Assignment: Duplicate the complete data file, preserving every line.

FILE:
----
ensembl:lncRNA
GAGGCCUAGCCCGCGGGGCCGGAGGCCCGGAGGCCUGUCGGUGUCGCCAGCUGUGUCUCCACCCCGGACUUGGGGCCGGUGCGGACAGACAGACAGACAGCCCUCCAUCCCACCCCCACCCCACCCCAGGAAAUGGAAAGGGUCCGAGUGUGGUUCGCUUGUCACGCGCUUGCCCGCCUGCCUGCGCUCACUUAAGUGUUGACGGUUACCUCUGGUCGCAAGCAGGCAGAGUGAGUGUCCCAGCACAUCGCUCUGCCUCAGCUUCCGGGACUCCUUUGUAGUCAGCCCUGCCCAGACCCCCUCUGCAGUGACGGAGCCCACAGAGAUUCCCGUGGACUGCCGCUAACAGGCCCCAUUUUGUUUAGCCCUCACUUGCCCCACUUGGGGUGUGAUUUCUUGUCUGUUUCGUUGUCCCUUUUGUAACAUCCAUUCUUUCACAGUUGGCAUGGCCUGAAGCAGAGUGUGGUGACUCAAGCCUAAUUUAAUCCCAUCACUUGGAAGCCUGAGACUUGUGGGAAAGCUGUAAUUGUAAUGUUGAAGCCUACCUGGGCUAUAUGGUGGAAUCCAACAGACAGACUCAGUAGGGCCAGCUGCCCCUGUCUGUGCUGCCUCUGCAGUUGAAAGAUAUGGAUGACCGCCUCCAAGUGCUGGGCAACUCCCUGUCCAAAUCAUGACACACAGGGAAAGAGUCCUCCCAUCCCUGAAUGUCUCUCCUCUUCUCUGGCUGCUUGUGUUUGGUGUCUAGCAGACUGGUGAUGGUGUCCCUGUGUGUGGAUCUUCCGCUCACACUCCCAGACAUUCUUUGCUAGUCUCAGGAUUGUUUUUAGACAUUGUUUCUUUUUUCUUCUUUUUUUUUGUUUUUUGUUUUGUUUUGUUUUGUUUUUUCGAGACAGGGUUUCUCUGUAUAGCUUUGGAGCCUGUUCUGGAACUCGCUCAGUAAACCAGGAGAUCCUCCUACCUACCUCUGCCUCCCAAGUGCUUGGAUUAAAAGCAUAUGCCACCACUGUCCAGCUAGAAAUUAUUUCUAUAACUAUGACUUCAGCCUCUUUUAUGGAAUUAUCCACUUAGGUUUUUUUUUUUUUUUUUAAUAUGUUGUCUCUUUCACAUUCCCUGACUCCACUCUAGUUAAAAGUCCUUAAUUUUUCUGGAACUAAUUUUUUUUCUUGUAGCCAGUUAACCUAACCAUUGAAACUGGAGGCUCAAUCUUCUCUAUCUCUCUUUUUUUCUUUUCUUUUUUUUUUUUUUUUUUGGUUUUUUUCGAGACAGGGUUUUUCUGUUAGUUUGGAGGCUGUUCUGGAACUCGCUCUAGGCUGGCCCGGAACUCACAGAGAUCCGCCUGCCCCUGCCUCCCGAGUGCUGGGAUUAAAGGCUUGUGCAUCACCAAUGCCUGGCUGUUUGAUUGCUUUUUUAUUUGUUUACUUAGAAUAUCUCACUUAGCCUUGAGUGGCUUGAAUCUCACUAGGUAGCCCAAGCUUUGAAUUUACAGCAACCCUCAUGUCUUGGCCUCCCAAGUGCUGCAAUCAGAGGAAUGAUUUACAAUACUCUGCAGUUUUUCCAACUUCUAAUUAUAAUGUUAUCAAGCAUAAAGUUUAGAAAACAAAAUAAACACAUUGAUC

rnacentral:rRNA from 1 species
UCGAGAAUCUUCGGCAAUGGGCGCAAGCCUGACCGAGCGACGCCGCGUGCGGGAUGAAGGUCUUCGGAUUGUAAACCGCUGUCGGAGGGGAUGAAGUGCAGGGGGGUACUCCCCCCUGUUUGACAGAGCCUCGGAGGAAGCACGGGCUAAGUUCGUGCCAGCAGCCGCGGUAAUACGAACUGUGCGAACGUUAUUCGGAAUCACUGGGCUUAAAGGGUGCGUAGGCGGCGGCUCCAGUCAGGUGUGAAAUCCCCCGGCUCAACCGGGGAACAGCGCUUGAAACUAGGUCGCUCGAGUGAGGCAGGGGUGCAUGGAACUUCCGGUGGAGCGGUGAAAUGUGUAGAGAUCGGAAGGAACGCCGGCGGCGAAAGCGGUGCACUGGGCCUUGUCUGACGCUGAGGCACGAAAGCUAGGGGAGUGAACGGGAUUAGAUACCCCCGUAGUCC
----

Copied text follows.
ensembl:lncRNA
GAGGCCUAGCCCGCGGGGCCGGAGGCCCGGAGGCCUGUCGGUGUCGCCAGCUGUGUCUCCACCCCGGACUUGGGGCCGGUGCGGACAGACAGACAGACAGCCCUCCAUCCCACCCCCACCCCACCCCAGGAAAUGGAAAGGGUCCGAGUGUGGUUCGCUUGUCACGCGCUUGCCCGCCUGCCUGCGCUCACUUAAGUGUUGACGGUUACCUCUGGUCGCAAGCAGGCAGAGUGAGUGUCCCAGCACAUCGCUCUGCCUCAGCUUCCGGGACUCCUUUGUAGUCAGCCCUGCCCAGACCCCCUCUGCAGUGACGGAGCCCACAGAGAUUCCCGUGGACUGCCGCUAACAGGCCCCAUUUUGUUUAGCCCUCACUUGCCCCACUUGGGGUGUGAUUUCUUGUCUGUUUCGUUGUCCCUUUUGUAACAUCCAUUCUUUCACAGUUGGCAUGGCCUGAAGCAGAGUGUGGUGACUCAAGCCUAAUUUAAUCCCAUCACUUGGAAGCCUGAGACUUGUGGGAAAGCUGUAAUUGUAAUGUUGAAGCCUACCUGGGCUAUAUGGUGGAAUCCAACAGACAGACUCAGUAGGGCCAGCUGCCCCUGUCUGUGCUGCCUCUGCAGUUGAAAGAUAUGGAUGACCGCCUCCAAGUGCUGGGCAACUCCCUGUCCAAAUCAUGACACACAGGGAAAGAGUCCUCCCAUCCCUGAAUGUCUCUCCUCUUCUCUGGCUGCUUGUGUUUGGUGUCUAGCAGACUGGUGAUGGUGUCCCUGUGUGUGGAUCUUCCGCUCACACUCCCAGACAUUCUUUGCUAGUCUCAGGAUUGUUUUUAGACAUUGUUUCUUUUUUCUUCUUUUUUUUUGUUUUUUGUUUUGUUUUGUUUUGUUUUUUCGAGACAGGGUUUCUCUGUAUAGCUUUGGAGCCUGUUCUGGAACUCGCUCAGUAAACCAGGAGAUCCUCCUACCUACCUCUGCCUCCCAAGUGCUUGGAUUAAAAGCAUAUGCCACCACUGUCCAGCUAGAAAUUAUUUCUAUAACUAUGACUUCAGCCUCUUUUAUGGAAUUAUCCACUUAGGUUUUUUUUUUUUUUUUUAAUAUGUUGUCUCUUUCACAUUCCCUGACUCCACUCUAGUUAAAAGUCCUUAAUUUUUCUGGAACUAAUUUUUUUUCUUGUAGCCAGUUAACCUAACCAUUGAAACUGGAGGCUCAAUCUUCUCUAUCUCUCUUUUUUUCUUUUCUUUUUUUUUUUUUUUUUUGGUUUUUUUCGAGACAGGGUUUUUCUGUUAGUUUGGAGGCUGUUCUGGAACUCGCUCUAGGCUGGCCCGGAACUCACAGAGAUCCGCCUGCCCCUGCCUCCCGAGUGCUGGGAUUAAAGGCUUGUGCAUCACCAAUGCCUGGCUGUUUGAUUGCUUUUUUAUUUGUUUACUUAGAAUAUCUCACUUAGCCUUGAGUGGCUUGAAUCUCACUAGGUAGCCCAAGCUUUGAAUUUACAGCAACCCUCAUGUCUUGGCCUCCCAAGUGCUGCAAUCAGAGGAAUGAUUUACAAUACUCUGCAGUUUUUCCAACUUCUAAUUAUAAUGUUAUCAAGCAUAAAGUUUAGAAAACAAAAUAAACACAUUGAUC

rnacentral:rRNA from 1 species
UCGAGAAUCUUCGGCAAUGGGCGCAAGCCUGACCGAGCGACGCCGCGUGCGGGAUGAAGGUCUUCGGAUUGUAAACCGCUGUCGGAGGGGAUGAAGUGCAGGGGGGUACUCCCCCCUGUUUGACAGAGCCUCGGAGGAAGCACGGGCUAAGUUCGUGCCAGCAGCCGCGGUAAUACGAACUGUGCGAACGUUAUUCGGAAUCACUGGGCUUAAAGGGUGCGUAGGCGGCGGCUCCAGUCAGGUGUGAAAUCCCCCGGCUCAACCGGGGAACAGCGCUUGAAACUAGGUCGCUCGAGUGAGGCAGGGGUGCAUGGAACUUCCGGUGGAGCGGUGAAAUGUGUAGAGAUCGGAAGGAACGCCGGCGGCGAAAGCGGUGCACUGGGCCUUGUCUGACGCUGAGGCACGAAAGCUAGGGGAGUGAACGGGAUUAGAUACCCCCGUAGUCC